One of the initiatives we have launched at Reuters over the past year is called “Back to the Source,” a newsroom-wide effort to replenish and expand the diversity of voices and perspectives that we seek. Whether it’s whom we talk to in the markets or whom we profile in a war zone, we’re being more thoughtful to make sure to capture the world as it is. It’s easier to do that, of course, if those perspectives are reflected in our own newsroom. As the first woman in this job, and a non Anglo-American leading a global news organisation, I want to open our eyes to what hasn’t been seen before.

We also aim to be a check on misinformation. Perhaps it is paradoxical, but even as news consumers are being bombarded with disinformation from all sides, a global army of fact-checkers is working overtime to separate fact from fiction. A June 2021 census by the Duke Reporter’s Lab counted 341 active fact-checking initiatives, operating in 102 countries. Facebook embarked on a program with independent fact-checking publishers in 2016, following widespread criticism of the way false information was allowed to circulate on its platform ahead of the 2016 US election. We are among these publishers, labelling content on Facebook and Instagram and publishing available fact checked articles in English, Spanish, Arabic and Hebrew on our website.

Around 2,400 years ago, Aristotle identified three ingredients needed to persuade an audience, and this "rhetorical triangle" still holds true today, it seems. "Pathos" speaks to the need of journalists to understand and deliver the information the audience thinks is important. The integrity of sourcing, the evidence behind the words – or his “logos” – also counts, whether it be a doctor, a data point or a verified picture from a war zone.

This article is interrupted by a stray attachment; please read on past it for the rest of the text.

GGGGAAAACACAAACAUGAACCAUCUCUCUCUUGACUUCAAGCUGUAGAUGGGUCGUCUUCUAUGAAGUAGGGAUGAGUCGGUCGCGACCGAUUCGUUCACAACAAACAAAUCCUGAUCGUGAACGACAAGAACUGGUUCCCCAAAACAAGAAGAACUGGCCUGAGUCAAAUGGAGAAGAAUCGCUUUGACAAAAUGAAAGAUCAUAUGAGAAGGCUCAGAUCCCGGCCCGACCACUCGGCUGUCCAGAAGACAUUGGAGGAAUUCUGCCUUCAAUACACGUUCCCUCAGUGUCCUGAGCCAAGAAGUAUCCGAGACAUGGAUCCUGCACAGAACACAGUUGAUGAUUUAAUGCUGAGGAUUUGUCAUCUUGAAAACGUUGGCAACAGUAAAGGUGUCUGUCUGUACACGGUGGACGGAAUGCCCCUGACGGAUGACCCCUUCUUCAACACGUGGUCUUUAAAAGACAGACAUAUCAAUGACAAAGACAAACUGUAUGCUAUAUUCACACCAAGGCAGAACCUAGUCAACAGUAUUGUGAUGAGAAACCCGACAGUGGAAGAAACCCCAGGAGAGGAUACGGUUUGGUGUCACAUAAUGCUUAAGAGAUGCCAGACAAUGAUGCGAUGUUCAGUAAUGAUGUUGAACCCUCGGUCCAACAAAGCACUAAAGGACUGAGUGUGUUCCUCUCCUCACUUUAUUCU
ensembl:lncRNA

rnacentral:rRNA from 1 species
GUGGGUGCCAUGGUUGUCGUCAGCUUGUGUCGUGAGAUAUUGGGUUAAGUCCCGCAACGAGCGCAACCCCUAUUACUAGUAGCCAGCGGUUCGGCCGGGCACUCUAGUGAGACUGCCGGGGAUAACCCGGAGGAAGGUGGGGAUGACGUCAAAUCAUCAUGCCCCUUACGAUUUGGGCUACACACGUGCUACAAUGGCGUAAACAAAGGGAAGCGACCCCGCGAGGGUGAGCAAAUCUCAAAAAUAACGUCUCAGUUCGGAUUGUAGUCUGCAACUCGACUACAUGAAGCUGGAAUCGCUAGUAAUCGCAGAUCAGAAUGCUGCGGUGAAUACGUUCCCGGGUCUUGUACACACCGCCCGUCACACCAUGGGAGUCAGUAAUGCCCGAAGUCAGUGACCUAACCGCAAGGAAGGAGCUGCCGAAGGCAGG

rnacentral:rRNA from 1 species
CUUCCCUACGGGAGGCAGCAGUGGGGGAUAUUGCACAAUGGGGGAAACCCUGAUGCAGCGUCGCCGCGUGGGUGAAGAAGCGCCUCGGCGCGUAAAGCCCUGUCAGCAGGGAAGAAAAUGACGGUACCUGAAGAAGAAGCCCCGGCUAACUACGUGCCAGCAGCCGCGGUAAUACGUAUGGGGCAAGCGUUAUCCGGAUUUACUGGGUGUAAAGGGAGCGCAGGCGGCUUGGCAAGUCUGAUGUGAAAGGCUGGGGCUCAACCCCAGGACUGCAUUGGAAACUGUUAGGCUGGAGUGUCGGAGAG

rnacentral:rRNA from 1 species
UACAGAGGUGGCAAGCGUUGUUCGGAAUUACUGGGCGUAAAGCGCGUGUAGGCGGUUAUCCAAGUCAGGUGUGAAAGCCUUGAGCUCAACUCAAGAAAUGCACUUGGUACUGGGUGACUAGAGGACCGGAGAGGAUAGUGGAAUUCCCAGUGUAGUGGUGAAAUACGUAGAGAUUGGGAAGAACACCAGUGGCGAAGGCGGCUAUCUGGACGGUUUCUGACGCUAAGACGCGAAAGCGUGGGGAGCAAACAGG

And that brings me to the third of Aristotle’s triangle: “ethos,” or the credibility, the integrity of the speaker or, in this case, the journalist. For the public to trust us, we need to be trustworthy.

Journalism under attack

When Donald Trump won the presidency in the United States, my predecessor Steve Adler issued a manifesto reminding us how we report in many countries where the media comes under attack: by doing our best to protect our journalists, by reporting fairly and honestly, by gathering hard-to-get information – and by remaining impartial. That includes putting our opinions aside so we can report without being suspected of an agenda. Here is how Steve put it in his memo “We operate with calm integrity not just because it’s in our rulebook but because – over 165 years – it has enabled us to do the best work and the most good.”

This is not easy, now, in Ukraine. It is hard not to have strong emotions at the images of buildings in flames; at civilians fleeing amid shelling; at refugee children on packed trains and pregnant mothers giving birth in bomb shelters. It is hard not to be angry at propaganda. It is hard not to be anxious when colleagues are on the streets of Irpin. It is hard to stay calm when friends fret they’ll be jailed for doing their job in Moscow.

I have been in my new role for nearly a year, but it feels more like a decade: the continuing pandemic; the death of our colleague Danish; the fall of Afghanistan to the Taliban and now war in Ukraine. It is a time of turmoil: the myriad challenges facing our journalists, as well as the journalists at so many other remarkable, resilient news organisations, can sometimes feel overwhelming.

At the same time, as Europe faces its biggest crisis since World War Two, millions of citizens are relying on us as never before. For too many of them right now, the reliability of our news is existential – a matter of life and death.

For those of us chronicling the first draft of history, this represents a huge responsibility and a historic opportunity. I hope we can make it our common mission to restore the faith in our profession that has eroded so sharply in recent years. A mission to demonstrate why trustworthy journalism, pursued without fear or favor, remains such a powerful force for the global public good.